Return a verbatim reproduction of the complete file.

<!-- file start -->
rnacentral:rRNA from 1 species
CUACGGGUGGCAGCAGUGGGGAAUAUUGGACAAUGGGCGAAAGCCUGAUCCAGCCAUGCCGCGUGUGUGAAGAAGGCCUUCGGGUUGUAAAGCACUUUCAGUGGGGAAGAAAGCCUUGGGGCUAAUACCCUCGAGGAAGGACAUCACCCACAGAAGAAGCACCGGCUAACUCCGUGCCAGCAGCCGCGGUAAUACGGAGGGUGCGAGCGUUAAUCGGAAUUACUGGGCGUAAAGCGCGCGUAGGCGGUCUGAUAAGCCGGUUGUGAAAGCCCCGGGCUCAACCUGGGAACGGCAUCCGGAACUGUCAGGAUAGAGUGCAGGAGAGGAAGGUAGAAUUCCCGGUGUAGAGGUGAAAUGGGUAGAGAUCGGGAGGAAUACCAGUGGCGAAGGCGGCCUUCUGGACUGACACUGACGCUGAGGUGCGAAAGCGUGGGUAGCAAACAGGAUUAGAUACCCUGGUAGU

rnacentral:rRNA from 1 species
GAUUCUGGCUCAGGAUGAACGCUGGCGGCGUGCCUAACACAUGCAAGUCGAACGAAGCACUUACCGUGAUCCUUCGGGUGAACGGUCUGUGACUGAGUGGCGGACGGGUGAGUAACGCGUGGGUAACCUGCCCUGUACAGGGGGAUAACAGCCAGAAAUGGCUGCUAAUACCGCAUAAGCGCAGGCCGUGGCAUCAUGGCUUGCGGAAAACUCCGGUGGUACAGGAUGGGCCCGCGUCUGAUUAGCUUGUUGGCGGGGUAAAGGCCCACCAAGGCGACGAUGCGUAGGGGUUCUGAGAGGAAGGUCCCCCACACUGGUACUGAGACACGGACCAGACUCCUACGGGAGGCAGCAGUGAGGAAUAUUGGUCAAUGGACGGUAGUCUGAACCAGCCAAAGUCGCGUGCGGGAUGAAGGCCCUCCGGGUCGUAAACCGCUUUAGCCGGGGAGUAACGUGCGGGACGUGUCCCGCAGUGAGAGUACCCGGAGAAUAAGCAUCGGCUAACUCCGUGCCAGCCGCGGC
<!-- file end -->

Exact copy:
rnacentral:rRNA from 1 species
CUACGGGUGGCAGCAGUGGGGAAUAUUGGACAAUGGGCGAAAGCCUGAUCCAGCCAUGCCGCGUGUGUGAAGAAGGCCUUCGGGUUGUAAAGCACUUUCAGUGGGGAAGAAAGCCUUGGGGCUAAUACCCUCGAGGAAGGACAUCACCCACAGAAGAAGCACCGGCUAACUCCGUGCCAGCAGCCGCGGUAAUACGGAGGGUGCGAGCGUUAAUCGGAAUUACUGGGCGUAAAGCGCGCGUAGGCGGUCUGAUAAGCCGGUUGUGAAAGCCCCGGGCUCAACCUGGGAACGGCAUCCGGAACUGUCAGGAUAGAGUGCAGGAGAGGAAGGUAGAAUUCCCGGUGUAGAGGUGAAAUGGGUAGAGAUCGGGAGGAAUACCAGUGGCGAAGGCGGCCUUCUGGACUGACACUGACGCUGAGGUGCGAAAGCGUGGGUAGCAAACAGGAUUAGAUACCCUGGUAGU

rnacentral:rRNA from 1 species
GAUUCUGGCUCAGGAUGAACGCUGGCGGCGUGCCUAACACAUGCAAGUCGAACGAAGCACUUACCGUGAUCCUUCGGGUGAACGGUCUGUGACUGAGUGGCGGACGGGUGAGUAACGCGUGGGUAACCUGCCCUGUACAGGGGGAUAACAGCCAGAAAUGGCUGCUAAUACCGCAUAAGCGCAGGCCGUGGCAUCAUGGCUUGCGGAAAACUCCGGUGGUACAGGAUGGGCCCGCGUCUGAUUAGCUUGUUGGCGGGGUAAAGGCCCACCAAGGCGACGAUGCGUAGGGGUUCUGAGAGGAAGGUCCCCCACACUGGUACUGAGACACGGACCAGACUCCUACGGGAGGCAGCAGUGAGGAAUAUUGGUCAAUGGACGGUAGUCUGAACCAGCCAAAGUCGCGUGCGGGAUGAAGGCCCUCCGGGUCGUAAACCGCUUUAGCCGGGGAGUAACGUGCGGGACGUGUCCCGCAGUGAGAGUACCCGGAGAAUAAGCAUCGGCUAACUCCGUGCCAGCCGCGGC